Psyc 301 Week 2 Notes
Psyc 301 Week 2 Notes PSYC 301
Popular in Abnormal Psychology
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This 7 page Class Notes was uploaded by Brynna Sower on Thursday September 1, 2016. The Class Notes belongs to PSYC 301 at Boise State University taught by Scott Armentrout in Fall 2016. Since its upload, it has received 14 views. For similar materials see Abnormal Psychology in Psychology (PSYC) at Boise State University.
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Date Created: 09/01/16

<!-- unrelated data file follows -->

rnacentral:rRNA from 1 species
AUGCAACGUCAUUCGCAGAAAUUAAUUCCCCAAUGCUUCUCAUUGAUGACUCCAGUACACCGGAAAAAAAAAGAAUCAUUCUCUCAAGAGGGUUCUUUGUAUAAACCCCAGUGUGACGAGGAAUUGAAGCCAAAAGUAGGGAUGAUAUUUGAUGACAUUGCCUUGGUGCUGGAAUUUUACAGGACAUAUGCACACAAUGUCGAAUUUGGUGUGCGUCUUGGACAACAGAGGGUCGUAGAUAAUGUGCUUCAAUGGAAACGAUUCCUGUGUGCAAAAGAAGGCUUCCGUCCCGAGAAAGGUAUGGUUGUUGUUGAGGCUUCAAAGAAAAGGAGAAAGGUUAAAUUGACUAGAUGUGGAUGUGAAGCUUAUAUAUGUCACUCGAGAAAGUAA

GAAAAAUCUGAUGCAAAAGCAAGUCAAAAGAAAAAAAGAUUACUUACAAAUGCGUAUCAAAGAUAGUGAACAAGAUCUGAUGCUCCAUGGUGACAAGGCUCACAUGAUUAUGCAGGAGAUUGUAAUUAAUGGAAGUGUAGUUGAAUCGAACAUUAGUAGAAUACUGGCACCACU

Abnormal Psychology Dr. Armentrout PSYC 301 8/29/16 Paradigms and Etiology of Abnormal Behavior Introduction 1) Etiology (a definitive cause) is still unknown (page 45) o There are many theories trying to explain the causes: biology, psychodynamics, cognitive-behavioral o Good quality relationships are key to psychological and physical health. 2) Paradigm: a set of shared assumptions that includes both the substance of a theory and beliefs about how scientists should collect data and test hypotheses (page 45) 3) Biopsychosocial Model: the most widely agreed upon model of causes of abnormal behavior; combines biological, psychological, and social factors Psychodynamic Perspective 4) Based on Sigmund Freud’s teachings 5) Belief that abnormal behavior is due to the subconscious conflicts from childhood o Hysterical blindness 6) Iceberg hierarchy of psychological thought o Conscious: present thoughts and emotions (lecture) o Preconscious: Recent events, thoughts, and emotions (lecture) o Unconscious: “socially unacceptable” thoughts, traumatic past events, embarrassing/harmful thoughts or memories (lecture) 7) Repetition Compulsion: the tendency to return to things or people that are familiar. The unconscious desires to succeed in relationships or tasks that you previously failed (lecture) 8) Psychoanalytic Theory: Freud’s theory that the mind is divided into three parts (page 49) o Id: operates for pleasure, home to biological and psychological drives; resides in the unconscious (page 49) o Ego: operates on the reality principle, acts as a mediator between the Id and the Superego; resides in the conscious (page 49) o Superego: the sense of conscience, home to societal standards and rules (page 49) Conflict between superego and ego = moral anxiety Conflict between id and ego = neurotic anxiety Ego protects itself by using defense mechanisms o Defense mechanisms: unconscious self-deceptions that reduce conscious anxiety by distorting anxiety-producing memories, emotions, and impulses (page 49) Denial: insistence that an experience, memory, or need did not occur or exist (page 49) Displacement: Feelings or actions are transferred from one person or object to another that is less threatening (page 49) Projection: Attributing one’s own feelings or thoughts to other people (page 49) Rationalization: Intellectually justifying a feeling or event (page 49) Reaction Formation: Converting a painful or unacceptable feeling into its opposite (page 49) Repression: Suppressing threatening material from consciousness but without denial (page 49) Sublimation: Diverting id impulses into constructive and acceptable outlets 9) George Valliant’s Classification Scale (all lecture) o Level 1: Pathological Defenses A person feels the need to distort reality so as to not face their problem (the most serious level) Person shapes their own reality to avoid or lessen their anxiety Without treatment could lead to more serious levels of psychosis o Level 2: Immature Defenses Goal is to lessen anxiety and levels of psychological discomfort People at this level don’t typically distort their view of reality People in this stage are often seen as immature (hence the name of this stage!) o Level 3: Neurotic Defenses A person at this stage tends to exhibit behaviors that help with short- term coping, but are often detrimental in the long term Example: Repression or Reaction Formation; these defense mechanisms may help them feel less anxiety in the moment, but the person is only covering up the problem o Level 4: Mature Defenses These defenses are considered healthy for both short and long term People who are in this stage tend to exhibit traits of psychological health. They still feel the anxiety, but have adapted their mind to cope more effectively Example: Acceptance and forgiveness 10)Psychosexual stages o Oral: (0-1) phase in which the mouth is the center of pleasure o Anal: (1-3) child learns tidiness and determination o Phallic: (3-5) child discovers genitals and begins feeling attracted to the opposite sex o Latency: (5-6) little to no sexual desires present o Genital: (puberty-adulthood) desire for intimate relationships and sexual intercourse 11)Complexes o Oedipus Complex: Freud’s theory that boys have sexual desire for their mothers. o Electra Complex: Freud’s theory that girls “envy” the opposite sex and feel that they are missing a penis. Also called penis envy. Cognitive-Behavioral Perspective History: 1) Cognitive-Behavioral: this perspective believes that abnormal behaviors are caused by learning 2) Ivan Pavlov o Classical Conditioning: learning through association (page50) Dogs and meat powder o Extinction: occurs over time once a conditioned stimulus is no longer paired with an unconditioned stimulus (page 50) 3) B. F. Skinner o Operant Conditioning: belief that behavior a function of its consequences (page 50) Skinner box, positive reinforcement, negative reinforcement, punishment, etc. 4) John B. Watson o Behaviorism: Belief that observable behavior is the only appropriate subject matter for the science of psychology due to the inability to measure emotions and thoughts Humanistic Perspective History: 1) Based on the belief that behavior is the product of free will. 2) Considered a philosophy rather than a school of psychology, since free will is not measurable or comparable. 3) Believes that human nature is inherently good Problems with Paradigms: 1) Don’t get locked into any one paradigm. 2) Each one has a valuable perspective of the overall picture 3) There are problems with each model, hence why one school of thought alone cannot explain much without looking towards the others. Systems Theory 1) Systems theory: an integrative approach to science that embraces not only the importance of multiple contributions to causality, but also their interdependence. 2) Includes Biopsychosocial model 3) If you affect one part, you affect all of it 4) Holism: the idea that the whole is more than the sum of its parts (page 51) 5) Reductionism: attempts to understand problems by focusing on smaller and smaller units (page 51) 6) Diathesis: a predisposition toward developing a disorder (page 52) 7) Diathesis-Stress Model: Psychosis is a combination of diathesis and stress being applied at the same time for a prolonged period of time (page 52) a. Equifinality: many ways to the same end (page 52) b. Multifinality: the same event can lead to different outcomes (page 52) 8) Risk Factors: multiple stressors that might contribute to mental disorders (page 52) 9) Correlational Coefficient: a statistic for measuring how strongly two factors are related (page 53) 10)Reverse Causality: indicates that causation could be operating in the opposite direction (page 53) 11)Third Variable: indicates that the problem could be due to a third factor’s influence on the relationship of the variables being measured (page 53) Developmental Psychopathology 1) Developmental Psychopathology: an approach to abnormal psychology that emphasizes change over time a. EX: bedwetting might be acceptable for a 2-3 year-old, but it is not acceptable for a 30 year-old. 2) Premorbid History: a pattern of behavior that precedes the onset of the disorder (page 53) 3) Prognosis: a predictable course of a disorder (page 53) Biological Factors: 1) Impact of the body’s biochemistry on psychology a. Hormones, chemistry, genetics, neurons, neurotransmitters, brain structure 2) Neuron: a nerve cell; the basic building block of the brain a. Dendrite, Soma, Axon, and Axon Terminals (message is received and transmitted in this order) 3) Synapse: a small gap between neurons filled with fluid (page 54) a. Medium through which neurotransmitters flow b. Gap is between the axon terminals and the dendrites of two neurons 4) Neurotransmitters: chemical substances used to transfer messages from one neuron to the other (page 54) 5) Receptors: Dendrites of the synapse (page 54) 6) Reuptake: reabsorption (page 55) a. Some neurotransmitters are not received by their target, and are instead reabsorbed by the sender axon to be used for later messages. Neurons want to make sure the message is received, so sometimes it sends more neurotransmitters to make sure the message is properly delivered. 7) The brain is divided into three specific sections a. Hindbrain- regulates body functions (medulla, pons, cerebellum) b. Midbrain- regulates motor activities c. Forebrain- regulates sensory, emotional, and cognitive functions i. The three parts of the brain are linked by the Limbic System (page 57) ii. Thalamus and hypothalamus 8) Hypothalamus: center of control of basic biological functions (autonomic functions) (page 57) 9) Cerebral Hemispheres: the separation of the forebrain into two distinct hemispheres that have distinct roles (page 58) 10)Lateralized: the term describing the specialization of each hemisphere of the brain being different from the other (page 58) 11)The left side of the brain is primarily concerned with creative processes like language and art, while the right side of the brain is primarily concerned with analysis and rationalizing 12)The two are joined by the corpus callosum 13)Ventricles: Four connected chambers of the forebrain that are filled with cerebrospinal fluid (page 58) 14)Cerebral Cortex: the uneven surface of the brain found just beneath the skull (page 58) a. Consists of the frontal (reasoning), parietal (sensory), temporal (sound/smell/emotion), and occipital lobes (visual stimuli). Psychophysiology 1) Psychophysiology: study of changes in the functioning of the body that result from psychological experiences (page 58) a. Ex) shaking, increased heart rate, shortness of breath, or dizziness/fainting when you meet your favorite music artist 2) Endocrine System: a collection of major glands found throughout the body (page 58) a. Hormones: chemical substances that affect the functioning of body systems (can sometimes act as neurotransmitters) (page 58) 3) Autonomic Nervous System: regulates the involuntary actions of the body like the heart and digestive system. (While you may be able to control breathing voluntarily for a short time, breathing is primarily a function of the ANS) (page 59) a. Sympathetic Nervous System- primarily deals with increased stress/arousal and energy expenditures b. Parasympathetic: primarily deals with saving the body’s energy and slowing arousal 4) Genes: ultramicroscopic units of DNA that carry information about a person/organism’s heredity (page 59) 5) Chromosomes: chainlike structures found in the nucleus of a cell (page 59) 6) Behavior Genetics: study of genetic influences on normal and abnormal behavior (page 59) 7) Genotype: a person’s genetic structure (page 59) 8) Phenotype: the expression of a genotype (page 59) 9) Polygenic: a trait that is influenced by multiple alleles (page 60) a. This can cause a vast amount of discretion with psychological disorders. It creates a spectrum on which to measure a patient’s experiences. 10)Probands: indexes that measure the frequency of a certain disorder within a family (page 60) a. Helps to determine if genetics are involved or if it is a few individual cases that are unusual 11)Twin studies are the primary focus of psychophysiology due to their genetic similarity 12)Monozygotic Twins: identical twins (page 60) 13)Dizygotic Twins: fraternal twins (page 60) 14)Concordance rate: whether or not both twins (MZ or DZ) either suffer from or are free of a disorder (Page 60) 15)Shared environment: experiences that twins have in common, depicts a high concordance rate (page 60) 16)Non-shared Environment: each twin has a unique experience, depicts a low concordance rate (page 61) 17)Adopted children (especially adopted twins) are another focus of psychophysiological studies to see how much of an impact their genes have when they are raised apart from their biological parents. Psychological Factors 1) Human Nature: attachment and dominance a. Humans have an innate desire to be close to others and to form relationships b. Need to be dominant/superior to someone 2) Evolutionary Psychology: the applications of the principles of evolution to the understanding of animal and human minds (page 62) a. Natural selection is one of the main theories promoted by evolutionary psychology; it states that those who have better adapted to their environment will pass on those traits and in so doing, will make their offspring more likely to flourish 3) Attachments: selective bonds between humans; typically in reference to a child and its primary caregiver (page 64) 4) Dominance: the hierarchical ordering of a social group into more and less privileged members (page 64) a. As stated earlier, humans have a natural drive to seek out dominance 5) Temperament: characteristic styles of relating to the world (page 64) a. Also known as personality b. “Goodness of Fit” Model c. Five dimensions (you often see these in personality tests!) i. Openness to experiences ii. Conscientiousness iii. Extraversion iv. Agreeableness v. Neuroticism 6) Modeling: learning by imitating (children imitating their parents) (page 65) 7) Sense of Self: How you see yourself (page 66) 8) Self Esteem: how much you value yourself; your relationship with yourself (page 66) 9) Emotions: internal feeling states (page 65) a. Six basic emotions i. Love ii. Anger iii. Joy iv. Sadness v. Surprise vi. Fear b. Self-talk can help create a better sense of control over one’s emotions c. Emotional eloquence = better emotional health i. Do a self-check in. How big is your problem? ii. Increasing emotional vocabulary can help you understand yourself and others better and can help you cope with the emotions you are feeling. 10)Identity: an integrated sense of self (page 66) 11)Self-Control: internal rules for appropriate behavior (page 66) 12)Developmental stages: Periods of time marked by age and/or social tasks in which certain social or emotional crisis is faced (see Freud’s stages mentioned previously) (page 66) Social Factors 1) Social factors include relationships, gender, societal gender roles, poverty, prejudice, and other society-based relationship factors 2) Social Support: the emotional and practical assistance received from others (page 68) a. “Assistance” can be active or passive. Simply being accepted provides a positive form of emotional support that helps people flourish and develop healthily. Whereas those who are not accepted may develop a poor sense of self-esteem and may eventually develop personality disorders. 3) Gender Roles: Expectations regarding the appropriate behavior of males or females (page 68) 4) Prejudice, Poverty, and Society a. Prejudice and poverty increase the risk for psychological disorders due to lack of emotional support/acceptance and exposure to anxiety b. Poverty and prejudice increases exposure to environmental stressors c. Societal practices, beliefs, etc. can cause anxiety for someone who does not hold the same values or beliefs popularly held in their community. References th Oltmanns, T.F., Emery R.E. (2015). Abnormal Psychology 8 Edition. Pearson. New Jersey.